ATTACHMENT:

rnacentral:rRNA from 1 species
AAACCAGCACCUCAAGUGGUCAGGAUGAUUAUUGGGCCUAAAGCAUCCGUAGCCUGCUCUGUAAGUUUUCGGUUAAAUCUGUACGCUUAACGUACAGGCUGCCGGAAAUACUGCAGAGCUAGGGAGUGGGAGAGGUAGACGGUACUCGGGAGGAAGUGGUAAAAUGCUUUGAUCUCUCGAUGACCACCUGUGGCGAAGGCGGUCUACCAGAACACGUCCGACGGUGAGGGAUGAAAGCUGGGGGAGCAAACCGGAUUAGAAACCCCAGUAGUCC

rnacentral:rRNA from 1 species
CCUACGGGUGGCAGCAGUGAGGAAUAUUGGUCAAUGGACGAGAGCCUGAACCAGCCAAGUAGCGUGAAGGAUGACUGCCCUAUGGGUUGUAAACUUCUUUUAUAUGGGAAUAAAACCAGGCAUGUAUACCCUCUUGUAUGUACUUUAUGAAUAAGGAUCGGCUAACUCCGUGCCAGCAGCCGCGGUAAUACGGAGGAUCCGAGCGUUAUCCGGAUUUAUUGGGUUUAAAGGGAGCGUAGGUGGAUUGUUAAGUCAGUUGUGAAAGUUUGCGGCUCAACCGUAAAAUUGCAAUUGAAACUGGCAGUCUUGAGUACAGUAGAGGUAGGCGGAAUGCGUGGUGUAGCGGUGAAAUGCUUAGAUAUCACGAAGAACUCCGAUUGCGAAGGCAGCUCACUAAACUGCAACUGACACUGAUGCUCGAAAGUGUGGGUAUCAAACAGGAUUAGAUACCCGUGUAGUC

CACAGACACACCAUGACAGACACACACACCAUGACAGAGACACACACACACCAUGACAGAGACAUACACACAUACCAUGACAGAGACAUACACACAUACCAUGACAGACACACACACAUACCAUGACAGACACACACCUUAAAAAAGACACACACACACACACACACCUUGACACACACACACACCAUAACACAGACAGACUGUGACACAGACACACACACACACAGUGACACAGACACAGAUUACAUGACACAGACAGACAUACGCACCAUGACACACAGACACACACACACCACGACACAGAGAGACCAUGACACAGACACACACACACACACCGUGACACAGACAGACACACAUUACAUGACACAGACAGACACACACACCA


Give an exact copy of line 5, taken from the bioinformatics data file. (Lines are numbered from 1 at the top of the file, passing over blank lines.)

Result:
CACAGACACACCAUGACAGACACACACACCAUGACAGAGACACACACACACCAUGACAGAGACAUACACACAUACCAUGACAGAGACAUACACACAUACCAUGACAGACACACACACAUACCAUGACAGACACACACCUUAAAAAAGACACACACACACACACACACCUUGACACACACACACACCAUAACACAGACAGACUGUGACACAGACACACACACACACAGUGACACAGACACAGAUUACAUGACACAGACAGACAUACGCACCAUGACACACAGACACACACACACCACGACACAGAGAGACCAUGACACAGACACACACACACACACCGUGACACAGACAGACACACAUUACAUGACACAGACAGACACACACACCA